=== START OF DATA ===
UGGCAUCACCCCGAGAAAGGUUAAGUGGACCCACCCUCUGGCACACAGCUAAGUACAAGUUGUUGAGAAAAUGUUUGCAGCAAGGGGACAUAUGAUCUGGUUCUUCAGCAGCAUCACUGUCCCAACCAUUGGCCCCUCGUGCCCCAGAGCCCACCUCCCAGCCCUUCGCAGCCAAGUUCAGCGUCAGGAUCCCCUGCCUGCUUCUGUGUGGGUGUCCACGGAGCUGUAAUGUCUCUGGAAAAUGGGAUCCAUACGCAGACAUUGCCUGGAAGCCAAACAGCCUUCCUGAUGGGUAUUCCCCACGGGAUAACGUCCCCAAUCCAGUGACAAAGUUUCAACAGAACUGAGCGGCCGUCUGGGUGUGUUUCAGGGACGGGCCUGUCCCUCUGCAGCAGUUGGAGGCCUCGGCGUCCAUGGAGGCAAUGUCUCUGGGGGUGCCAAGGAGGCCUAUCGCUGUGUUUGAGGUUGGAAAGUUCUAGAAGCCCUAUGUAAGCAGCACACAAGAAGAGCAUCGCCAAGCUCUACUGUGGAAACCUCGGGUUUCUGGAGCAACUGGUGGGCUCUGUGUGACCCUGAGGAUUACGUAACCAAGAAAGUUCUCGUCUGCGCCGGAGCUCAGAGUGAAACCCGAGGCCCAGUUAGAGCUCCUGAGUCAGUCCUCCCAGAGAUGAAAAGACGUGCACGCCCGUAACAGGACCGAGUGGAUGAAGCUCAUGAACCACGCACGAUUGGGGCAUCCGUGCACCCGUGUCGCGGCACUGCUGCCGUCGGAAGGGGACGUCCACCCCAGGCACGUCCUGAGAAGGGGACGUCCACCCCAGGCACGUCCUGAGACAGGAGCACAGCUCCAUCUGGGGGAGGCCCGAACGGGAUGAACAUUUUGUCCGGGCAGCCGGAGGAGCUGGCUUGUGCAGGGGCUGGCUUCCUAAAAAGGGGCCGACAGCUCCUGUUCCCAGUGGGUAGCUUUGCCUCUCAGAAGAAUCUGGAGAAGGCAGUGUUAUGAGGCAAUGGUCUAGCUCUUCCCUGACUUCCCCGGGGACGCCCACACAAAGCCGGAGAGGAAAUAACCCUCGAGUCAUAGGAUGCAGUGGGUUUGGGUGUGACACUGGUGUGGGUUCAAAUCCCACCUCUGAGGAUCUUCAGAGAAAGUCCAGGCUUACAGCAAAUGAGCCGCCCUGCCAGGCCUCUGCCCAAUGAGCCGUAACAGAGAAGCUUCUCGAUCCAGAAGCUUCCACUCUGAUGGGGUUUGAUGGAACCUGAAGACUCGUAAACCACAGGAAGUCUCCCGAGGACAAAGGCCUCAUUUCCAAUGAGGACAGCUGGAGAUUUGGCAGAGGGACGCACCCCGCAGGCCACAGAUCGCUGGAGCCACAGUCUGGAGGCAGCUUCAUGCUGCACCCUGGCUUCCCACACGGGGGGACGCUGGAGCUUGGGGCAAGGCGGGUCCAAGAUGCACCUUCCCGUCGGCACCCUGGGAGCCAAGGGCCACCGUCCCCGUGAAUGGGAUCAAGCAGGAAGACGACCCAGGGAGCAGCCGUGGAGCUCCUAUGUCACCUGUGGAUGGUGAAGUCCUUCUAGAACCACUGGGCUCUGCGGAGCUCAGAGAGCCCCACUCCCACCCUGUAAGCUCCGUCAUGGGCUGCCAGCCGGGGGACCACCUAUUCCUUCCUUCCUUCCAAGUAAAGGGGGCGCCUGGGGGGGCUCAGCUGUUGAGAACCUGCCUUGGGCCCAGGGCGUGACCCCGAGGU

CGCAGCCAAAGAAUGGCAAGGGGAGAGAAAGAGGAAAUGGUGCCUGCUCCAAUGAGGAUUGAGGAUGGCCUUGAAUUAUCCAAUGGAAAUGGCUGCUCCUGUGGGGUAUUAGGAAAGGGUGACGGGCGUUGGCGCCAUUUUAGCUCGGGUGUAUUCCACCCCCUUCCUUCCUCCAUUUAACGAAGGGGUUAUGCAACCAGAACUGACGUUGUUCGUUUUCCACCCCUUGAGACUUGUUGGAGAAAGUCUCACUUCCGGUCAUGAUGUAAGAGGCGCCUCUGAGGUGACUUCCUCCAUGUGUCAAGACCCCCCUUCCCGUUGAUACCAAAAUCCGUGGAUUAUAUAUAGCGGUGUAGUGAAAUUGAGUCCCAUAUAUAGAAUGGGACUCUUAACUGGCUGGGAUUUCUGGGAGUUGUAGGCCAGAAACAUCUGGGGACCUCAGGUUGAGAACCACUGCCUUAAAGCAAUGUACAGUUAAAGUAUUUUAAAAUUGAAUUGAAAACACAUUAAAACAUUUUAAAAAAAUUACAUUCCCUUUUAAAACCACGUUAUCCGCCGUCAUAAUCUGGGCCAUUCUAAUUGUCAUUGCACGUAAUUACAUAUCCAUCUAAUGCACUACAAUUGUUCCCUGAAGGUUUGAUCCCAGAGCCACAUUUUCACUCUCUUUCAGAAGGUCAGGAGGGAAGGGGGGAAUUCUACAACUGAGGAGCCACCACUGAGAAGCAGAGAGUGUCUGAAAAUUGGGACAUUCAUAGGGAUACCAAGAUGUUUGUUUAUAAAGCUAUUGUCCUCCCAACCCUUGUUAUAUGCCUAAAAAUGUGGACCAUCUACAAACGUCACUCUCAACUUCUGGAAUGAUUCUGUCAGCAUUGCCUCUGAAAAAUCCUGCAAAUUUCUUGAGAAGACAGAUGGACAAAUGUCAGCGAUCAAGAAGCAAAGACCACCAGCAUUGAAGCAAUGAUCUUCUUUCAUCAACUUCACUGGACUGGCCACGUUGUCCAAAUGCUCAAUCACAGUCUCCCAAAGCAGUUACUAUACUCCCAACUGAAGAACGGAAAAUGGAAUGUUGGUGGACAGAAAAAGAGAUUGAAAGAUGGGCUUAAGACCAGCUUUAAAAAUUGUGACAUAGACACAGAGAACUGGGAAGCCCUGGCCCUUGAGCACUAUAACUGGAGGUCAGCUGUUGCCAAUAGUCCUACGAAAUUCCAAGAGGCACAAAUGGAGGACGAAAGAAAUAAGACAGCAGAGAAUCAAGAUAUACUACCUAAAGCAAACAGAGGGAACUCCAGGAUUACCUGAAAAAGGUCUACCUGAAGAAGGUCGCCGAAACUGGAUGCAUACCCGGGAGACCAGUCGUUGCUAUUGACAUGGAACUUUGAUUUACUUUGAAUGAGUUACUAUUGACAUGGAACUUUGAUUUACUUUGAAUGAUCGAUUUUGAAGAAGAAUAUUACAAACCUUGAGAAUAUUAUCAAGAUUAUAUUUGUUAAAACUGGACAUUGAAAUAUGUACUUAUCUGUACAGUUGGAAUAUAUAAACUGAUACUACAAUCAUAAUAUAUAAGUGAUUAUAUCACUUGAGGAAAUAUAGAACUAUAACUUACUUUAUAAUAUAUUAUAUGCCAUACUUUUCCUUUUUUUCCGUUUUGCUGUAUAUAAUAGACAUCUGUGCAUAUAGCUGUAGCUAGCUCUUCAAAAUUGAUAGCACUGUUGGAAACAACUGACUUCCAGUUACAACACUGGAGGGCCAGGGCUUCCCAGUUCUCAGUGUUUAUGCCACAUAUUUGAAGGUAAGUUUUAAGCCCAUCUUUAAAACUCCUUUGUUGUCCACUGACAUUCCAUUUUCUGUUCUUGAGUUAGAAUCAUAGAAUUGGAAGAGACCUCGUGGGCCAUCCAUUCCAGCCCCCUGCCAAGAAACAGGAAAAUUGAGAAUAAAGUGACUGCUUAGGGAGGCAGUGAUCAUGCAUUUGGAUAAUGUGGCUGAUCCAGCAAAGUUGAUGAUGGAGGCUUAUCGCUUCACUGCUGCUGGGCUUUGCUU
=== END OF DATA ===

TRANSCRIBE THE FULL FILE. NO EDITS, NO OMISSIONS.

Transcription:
UGGCAUCACCCCGAGAAAGGUUAAGUGGACCCACCCUCUGGCACACAGCUAAGUACAAGUUGUUGAGAAAAUGUUUGCAGCAAGGGGACAUAUGAUCUGGUUCUUCAGCAGCAUCACUGUCCCAACCAUUGGCCCCUCGUGCCCCAGAGCCCACCUCCCAGCCCUUCGCAGCCAAGUUCAGCGUCAGGAUCCCCUGCCUGCUUCUGUGUGGGUGUCCACGGAGCUGUAAUGUCUCUGGAAAAUGGGAUCCAUACGCAGACAUUGCCUGGAAGCCAAACAGCCUUCCUGAUGGGUAUUCCCCACGGGAUAACGUCCCCAAUCCAGUGACAAAGUUUCAACAGAACUGAGCGGCCGUCUGGGUGUGUUUCAGGGACGGGCCUGUCCCUCUGCAGCAGUUGGAGGCCUCGGCGUCCAUGGAGGCAAUGUCUCUGGGGGUGCCAAGGAGGCCUAUCGCUGUGUUUGAGGUUGGAAAGUUCUAGAAGCCCUAUGUAAGCAGCACACAAGAAGAGCAUCGCCAAGCUCUACUGUGGAAACCUCGGGUUUCUGGAGCAACUGGUGGGCUCUGUGUGACCCUGAGGAUUACGUAACCAAGAAAGUUCUCGUCUGCGCCGGAGCUCAGAGUGAAACCCGAGGCCCAGUUAGAGCUCCUGAGUCAGUCCUCCCAGAGAUGAAAAGACGUGCACGCCCGUAACAGGACCGAGUGGAUGAAGCUCAUGAACCACGCACGAUUGGGGCAUCCGUGCACCCGUGUCGCGGCACUGCUGCCGUCGGAAGGGGACGUCCACCCCAGGCACGUCCUGAGAAGGGGACGUCCACCCCAGGCACGUCCUGAGACAGGAGCACAGCUCCAUCUGGGGGAGGCCCGAACGGGAUGAACAUUUUGUCCGGGCAGCCGGAGGAGCUGGCUUGUGCAGGGGCUGGCUUCCUAAAAAGGGGCCGACAGCUCCUGUUCCCAGUGGGUAGCUUUGCCUCUCAGAAGAAUCUGGAGAAGGCAGUGUUAUGAGGCAAUGGUCUAGCUCUUCCCUGACUUCCCCGGGGACGCCCACACAAAGCCGGAGAGGAAAUAACCCUCGAGUCAUAGGAUGCAGUGGGUUUGGGUGUGACACUGGUGUGGGUUCAAAUCCCACCUCUGAGGAUCUUCAGAGAAAGUCCAGGCUUACAGCAAAUGAGCCGCCCUGCCAGGCCUCUGCCCAAUGAGCCGUAACAGAGAAGCUUCUCGAUCCAGAAGCUUCCACUCUGAUGGGGUUUGAUGGAACCUGAAGACUCGUAAACCACAGGAAGUCUCCCGAGGACAAAGGCCUCAUUUCCAAUGAGGACAGCUGGAGAUUUGGCAGAGGGACGCACCCCGCAGGCCACAGAUCGCUGGAGCCACAGUCUGGAGGCAGCUUCAUGCUGCACCCUGGCUUCCCACACGGGGGGACGCUGGAGCUUGGGGCAAGGCGGGUCCAAGAUGCACCUUCCCGUCGGCACCCUGGGAGCCAAGGGCCACCGUCCCCGUGAAUGGGAUCAAGCAGGAAGACGACCCAGGGAGCAGCCGUGGAGCUCCUAUGUCACCUGUGGAUGGUGAAGUCCUUCUAGAACCACUGGGCUCUGCGGAGCUCAGAGAGCCCCACUCCCACCCUGUAAGCUCCGUCAUGGGCUGCCAGCCGGGGGACCACCUAUUCCUUCCUUCCUUCCAAGUAAAGGGGGCGCCUGGGGGGGCUCAGCUGUUGAGAACCUGCCUUGGGCCCAGGGCGUGACCCCGAGGU

CGCAGCCAAAGAAUGGCAAGGGGAGAGAAAGAGGAAAUGGUGCCUGCUCCAAUGAGGAUUGAGGAUGGCCUUGAAUUAUCCAAUGGAAAUGGCUGCUCCUGUGGGGUAUUAGGAAAGGGUGACGGGCGUUGGCGCCAUUUUAGCUCGGGUGUAUUCCACCCCCUUCCUUCCUCCAUUUAACGAAGGGGUUAUGCAACCAGAACUGACGUUGUUCGUUUUCCACCCCUUGAGACUUGUUGGAGAAAGUCUCACUUCCGGUCAUGAUGUAAGAGGCGCCUCUGAGGUGACUUCCUCCAUGUGUCAAGACCCCCCUUCCCGUUGAUACCAAAAUCCGUGGAUUAUAUAUAGCGGUGUAGUGAAAUUGAGUCCCAUAUAUAGAAUGGGACUCUUAACUGGCUGGGAUUUCUGGGAGUUGUAGGCCAGAAACAUCUGGGGACCUCAGGUUGAGAACCACUGCCUUAAAGCAAUGUACAGUUAAAGUAUUUUAAAAUUGAAUUGAAAACACAUUAAAACAUUUUAAAAAAAUUACAUUCCCUUUUAAAACCACGUUAUCCGCCGUCAUAAUCUGGGCCAUUCUAAUUGUCAUUGCACGUAAUUACAUAUCCAUCUAAUGCACUACAAUUGUUCCCUGAAGGUUUGAUCCCAGAGCCACAUUUUCACUCUCUUUCAGAAGGUCAGGAGGGAAGGGGGGAAUUCUACAACUGAGGAGCCACCACUGAGAAGCAGAGAGUGUCUGAAAAUUGGGACAUUCAUAGGGAUACCAAGAUGUUUGUUUAUAAAGCUAUUGUCCUCCCAACCCUUGUUAUAUGCCUAAAAAUGUGGACCAUCUACAAACGUCACUCUCAACUUCUGGAAUGAUUCUGUCAGCAUUGCCUCUGAAAAAUCCUGCAAAUUUCUUGAGAAGACAGAUGGACAAAUGUCAGCGAUCAAGAAGCAAAGACCACCAGCAUUGAAGCAAUGAUCUUCUUUCAUCAACUUCACUGGACUGGCCACGUUGUCCAAAUGCUCAAUCACAGUCUCCCAAAGCAGUUACUAUACUCCCAACUGAAGAACGGAAAAUGGAAUGUUGGUGGACAGAAAAAGAGAUUGAAAGAUGGGCUUAAGACCAGCUUUAAAAAUUGUGACAUAGACACAGAGAACUGGGAAGCCCUGGCCCUUGAGCACUAUAACUGGAGGUCAGCUGUUGCCAAUAGUCCUACGAAAUUCCAAGAGGCACAAAUGGAGGACGAAAGAAAUAAGACAGCAGAGAAUCAAGAUAUACUACCUAAAGCAAACAGAGGGAACUCCAGGAUUACCUGAAAAAGGUCUACCUGAAGAAGGUCGCCGAAACUGGAUGCAUACCCGGGAGACCAGUCGUUGCUAUUGACAUGGAACUUUGAUUUACUUUGAAUGAGUUACUAUUGACAUGGAACUUUGAUUUACUUUGAAUGAUCGAUUUUGAAGAAGAAUAUUACAAACCUUGAGAAUAUUAUCAAGAUUAUAUUUGUUAAAACUGGACAUUGAAAUAUGUACUUAUCUGUACAGUUGGAAUAUAUAAACUGAUACUACAAUCAUAAUAUAUAAGUGAUUAUAUCACUUGAGGAAAUAUAGAACUAUAACUUACUUUAUAAUAUAUUAUAUGCCAUACUUUUCCUUUUUUUCCGUUUUGCUGUAUAUAAUAGACAUCUGUGCAUAUAGCUGUAGCUAGCUCUUCAAAAUUGAUAGCACUGUUGGAAACAACUGACUUCCAGUUACAACACUGGAGGGCCAGGGCUUCCCAGUUCUCAGUGUUUAUGCCACAUAUUUGAAGGUAAGUUUUAAGCCCAUCUUUAAAACUCCUUUGUUGUCCACUGACAUUCCAUUUUCUGUUCUUGAGUUAGAAUCAUAGAAUUGGAAGAGACCUCGUGGGCCAUCCAUUCCAGCCCCCUGCCAAGAAACAGGAAAAUUGAGAAUAAAGUGACUGCUUAGGGAGGCAGUGAUCAUGCAUUUGGAUAAUGUGGCUGAUCCAGCAAAGUUGAUGAUGGAGGCUUAUCGCUUCACUGCUGCUGGGCUUUGCUU